Cadmium has a high toxicity and is carcinogenic. Cadmium, along with mercury and lead, is one of the heavy metals that are of environmental concern as it can be toxic at levels only moderately elevated above natural ambient levels. The effects of chronic exposure to trace amounts of cadmium are less well understood.
Significant higher levels of cadmium are found in the northern fulmar compared with other seabird species. This is attributed to the feeding biology and the fact that northern fulmar is a long living bird species. The northern fulmar often feed from offal discharges from fishing boats.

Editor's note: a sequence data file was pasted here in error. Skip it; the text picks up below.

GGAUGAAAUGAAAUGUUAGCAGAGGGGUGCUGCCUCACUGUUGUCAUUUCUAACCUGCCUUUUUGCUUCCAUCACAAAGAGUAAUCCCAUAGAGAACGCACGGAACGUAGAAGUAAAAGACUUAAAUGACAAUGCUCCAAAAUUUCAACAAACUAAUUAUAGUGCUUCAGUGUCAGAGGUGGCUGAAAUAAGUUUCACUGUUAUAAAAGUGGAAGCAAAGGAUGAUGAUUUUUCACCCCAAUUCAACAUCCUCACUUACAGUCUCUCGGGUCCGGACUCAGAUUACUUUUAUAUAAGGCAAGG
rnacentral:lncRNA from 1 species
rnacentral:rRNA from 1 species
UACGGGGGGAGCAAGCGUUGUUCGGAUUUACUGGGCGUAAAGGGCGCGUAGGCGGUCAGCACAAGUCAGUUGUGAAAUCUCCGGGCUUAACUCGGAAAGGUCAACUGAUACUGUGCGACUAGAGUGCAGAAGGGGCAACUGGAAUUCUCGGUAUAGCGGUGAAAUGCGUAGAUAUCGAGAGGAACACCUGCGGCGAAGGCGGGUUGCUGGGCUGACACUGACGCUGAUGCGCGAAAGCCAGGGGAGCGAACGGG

The fulmar prefers fish liver, and since the liver is the organ where most of the body burden of cadmium is stored, it could be exposed to higher levels of cadmium due to its feeding habits. The cadmium concentration also increases with age in birds. This contributes to the explanation of a higher cadmium load in the long lived northern fulmar. These maps also indicate that the western part of the Barents Sea has a higher load of cadmium than the eastern part. This difference is rather small and further research is needed to clarify whether it is due to regional differences or other factors. The levels of cadmium in published papers show background levels for all other seabird species.